I briefly debated spending another night in the area and trying to arrange a visit to the Terry Bison farm for the next day but after the blizzard adventure, I decided to put it off for another time but in the space of three days (including one mostly weathered out!) I’d added 9 Colorado County Highpoints to my total bringing me to 45 of 64 (70.3%)!

P.S. Ruth was the best ever: we had a tank of gas going over the mountains where we got 30mpg! (XJs love 45 mph and elevation; there’s a reason we make a good team.) I can’t imagine a better vehicle for someone with a county highpoint hobby.

Colorado County Highpoints: South End of the Plains

Last December, I headed to the central plains to collect a few more highpoints before the end of 2015. As I start to think about attempting to finish the Colorado County High Point list before the end of 2016, I really wanted to finish out the plains highpoints. Sprocket and I started out our loop with the southern most points of the plains.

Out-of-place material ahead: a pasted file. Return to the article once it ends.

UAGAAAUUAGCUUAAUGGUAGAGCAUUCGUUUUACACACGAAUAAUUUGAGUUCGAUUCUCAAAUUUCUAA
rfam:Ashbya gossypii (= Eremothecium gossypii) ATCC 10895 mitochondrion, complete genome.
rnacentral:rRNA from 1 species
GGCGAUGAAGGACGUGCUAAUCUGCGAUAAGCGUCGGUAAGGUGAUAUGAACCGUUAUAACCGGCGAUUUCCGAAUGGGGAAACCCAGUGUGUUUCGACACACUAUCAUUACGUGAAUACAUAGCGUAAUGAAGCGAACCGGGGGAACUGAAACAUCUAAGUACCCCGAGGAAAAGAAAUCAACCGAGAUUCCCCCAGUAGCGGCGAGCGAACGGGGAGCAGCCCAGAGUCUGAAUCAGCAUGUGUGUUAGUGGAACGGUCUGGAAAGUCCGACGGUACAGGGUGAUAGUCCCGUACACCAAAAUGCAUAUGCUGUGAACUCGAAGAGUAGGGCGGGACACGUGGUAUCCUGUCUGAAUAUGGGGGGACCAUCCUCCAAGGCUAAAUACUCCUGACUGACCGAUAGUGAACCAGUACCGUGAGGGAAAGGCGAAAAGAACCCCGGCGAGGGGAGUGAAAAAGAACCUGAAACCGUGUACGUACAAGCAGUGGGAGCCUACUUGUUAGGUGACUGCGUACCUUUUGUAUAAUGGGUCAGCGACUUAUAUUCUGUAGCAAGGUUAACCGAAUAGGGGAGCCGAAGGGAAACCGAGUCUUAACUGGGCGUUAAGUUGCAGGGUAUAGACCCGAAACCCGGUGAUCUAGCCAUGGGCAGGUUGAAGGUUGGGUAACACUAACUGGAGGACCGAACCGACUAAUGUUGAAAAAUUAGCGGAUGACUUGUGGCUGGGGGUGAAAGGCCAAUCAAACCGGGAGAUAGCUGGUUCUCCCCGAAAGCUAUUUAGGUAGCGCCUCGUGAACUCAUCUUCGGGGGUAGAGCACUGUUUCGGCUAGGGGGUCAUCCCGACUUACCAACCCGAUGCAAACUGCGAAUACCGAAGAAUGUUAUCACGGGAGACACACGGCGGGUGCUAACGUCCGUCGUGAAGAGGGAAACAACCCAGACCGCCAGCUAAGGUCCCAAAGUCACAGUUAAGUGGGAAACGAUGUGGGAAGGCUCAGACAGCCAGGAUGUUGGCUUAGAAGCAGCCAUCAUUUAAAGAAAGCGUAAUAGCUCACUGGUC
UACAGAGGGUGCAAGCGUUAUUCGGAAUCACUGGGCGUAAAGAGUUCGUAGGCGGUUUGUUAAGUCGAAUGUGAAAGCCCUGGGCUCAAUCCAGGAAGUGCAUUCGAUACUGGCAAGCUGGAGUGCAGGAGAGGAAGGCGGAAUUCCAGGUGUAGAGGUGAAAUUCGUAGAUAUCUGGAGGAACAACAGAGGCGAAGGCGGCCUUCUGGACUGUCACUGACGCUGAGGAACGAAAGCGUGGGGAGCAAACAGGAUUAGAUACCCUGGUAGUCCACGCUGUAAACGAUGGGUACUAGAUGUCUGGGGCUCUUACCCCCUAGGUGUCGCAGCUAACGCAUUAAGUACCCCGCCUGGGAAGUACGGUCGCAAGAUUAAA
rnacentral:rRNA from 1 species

Appreciating the plains points takes a little bit of extra attention. I studied the cholla and the yucca plants. I poked around small towns and stopped at view points and informational markers:

The highways were lonely and many of the dirt roads were even lonelier.

Ruth even summited a couple of the highpoints along with Sprocket and I:

My ascent of Two Buttes (Prowers County HP, 4711′) came on Day 2 in some crazy winds: sustained 24mph with 51mph gusts at the time of my hike kicking up white caps on Two Buttes Reservoir. We were there, though, and it was only about 400′ of ascent to the summit so Sprocket and I decided to tough it out and get ourselves to the top.

Bushnell Peak: Fremont County Highpoint